Those balancing household budgets will not like the latest economic data. Inflation figures released by the Australian Bureau of Statistics on Tuesday show the consumer price index, the key measure of inflation, rose 0.5 per cent in the March quarter – and driving that increase were essentials like petrol and housing.
Even though inflation was slightly weaker than expected, economists largely agreed the price growth was strong enough for the Reserve Bank of Australia to take interest rate cuts off the table. The annual rate of CPI growth lifted to 2.1 per cent, just above the lower end of the bank’s inflation target.
But commentators also noted that the price increases were not noted in areas that signalled economic growth, with the most significant price rises in the quarter being petrol (up 5.7 per cent) and electricity (up 2.5 per cent).
These are things households have to buy when at the same time their wages are barely lifting and their debts are high.
CBA economist Michael Blythe thinks that dynamic could impact on consumer spending, and thus affect the wider economy.
“Rising petrol prices, up 12.9 per cent over the past two quarters, are now having a negative impact on consumer spending power. In fact spending on areas that are largely outside consumer discretion, such as fuel, health, insurance, utilities etc., is on the rise, up 1.6 per cent in the quarter and 4.2 per cent over the past year,” he said.
“Trends in this ‘pain spend’ influence household’s perceptions of financial pressures, with a flow???on to sentiment and spending appetite.”
The pain was lessened slightly by a 6.7 per cent drop in fruit prices.
Underlying measures of inflation, which smooth out volatile price swings and are key to interest rate decisions, averaged just over 0.4 per cent growth in the quarter for an annual rate of 1.8 per cent.
In response, the Australian dollar lost a little ground, dropping from about 75.45 US cents prior to the release to around 75.2 US cents.
The RBA will hold its next monthly board meeting on Tuesday, but is expected to leave the cash rate at a record low of 1.5 per cent.
Hopes that March’s strong rise in employment was a turning point for the economy may prove premature as new figures show wilting demand for new workers.
Job advertisements on the internet declined 0.6 per cent in March after a revised 0.3 per cent fall in February in trend terms, Department of Employment data released on Wednesday shows.
This left annual growth at just 0.9 per cent.
Six of the eight occupational groups monitored by the department fell in the month, declining in three states and the ACT. Ending the rate cut talk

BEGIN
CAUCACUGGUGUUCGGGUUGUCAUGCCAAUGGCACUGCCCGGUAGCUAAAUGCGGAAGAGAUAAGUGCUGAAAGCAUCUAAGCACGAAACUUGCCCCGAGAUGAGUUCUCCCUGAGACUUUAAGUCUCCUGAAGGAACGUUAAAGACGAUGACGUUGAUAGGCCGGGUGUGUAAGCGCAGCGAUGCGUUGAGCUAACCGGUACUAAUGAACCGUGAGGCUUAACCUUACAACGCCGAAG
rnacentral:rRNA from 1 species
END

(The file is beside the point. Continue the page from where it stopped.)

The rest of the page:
“Today’s CPI should bring to an end the debate about near-term rate cuts,” UBS economists said in a report.
“We expect core inflation to stay below the RBA’s target until [the first half of 2018], amid a housing correction that sees the RBA waiting to normalise rates until at least [the second half of 2018].”
Economists at Citi noted a lack of market-based inflation, with seasonal rises in areas such as healthcare, education, and insurance coming alongside higher petrol and housing costs
“We don’t expect much upside pressure in market determined prices in the future. Slow domestic demand growth and more competition from online and global retailers will constrain price growth in the non-food retail sector,” they said.
“More generally, low private sector wages growth and the increase in some mortgage interest rates at a time of record high household debt will prohibit many market-based CPI price lines from increasing at anything but a snail’s pace.”
Citi’s economists reckon the result is likely to stay the RBA’s hand for the rest of the year.
“For the RBA, its two main concerns are the subdued labour market and risks to financial stability. With these concerns pulling in different directions, we continue to expect no change in the cash rate this year. Any cash rate increase remains a distant possibility.
“We pencil in the first rate hike for [the December quarter of] 2018 as the RBA seeks to move away from historically low interest rates only when there is a likelihood of trend growth that removes the negative output gap.”
Capital Economics’ Paul Dales has abandoned his prediction of further rate cuts.
“The rise in underlying inflation in the first quarter, coupled with the RBA’s financial stability concerns, dramatically reduces the chances of any further interest rate cuts,” he said.
“When taken together with the RBA’s valid concerns that cutting interest rates further would threaten financial stability, today’s data suggest that underlying inflation is now at a level that the RBA will be willing to tolerate.
“As such, we are no longer expecting the RBA to cut interest rates further.”
He now expects the central bank to hold rates steady for at least the rest of the year.
Barclays’s Rahul Bajoria reckons rates wil be higher in a little over a year’s time.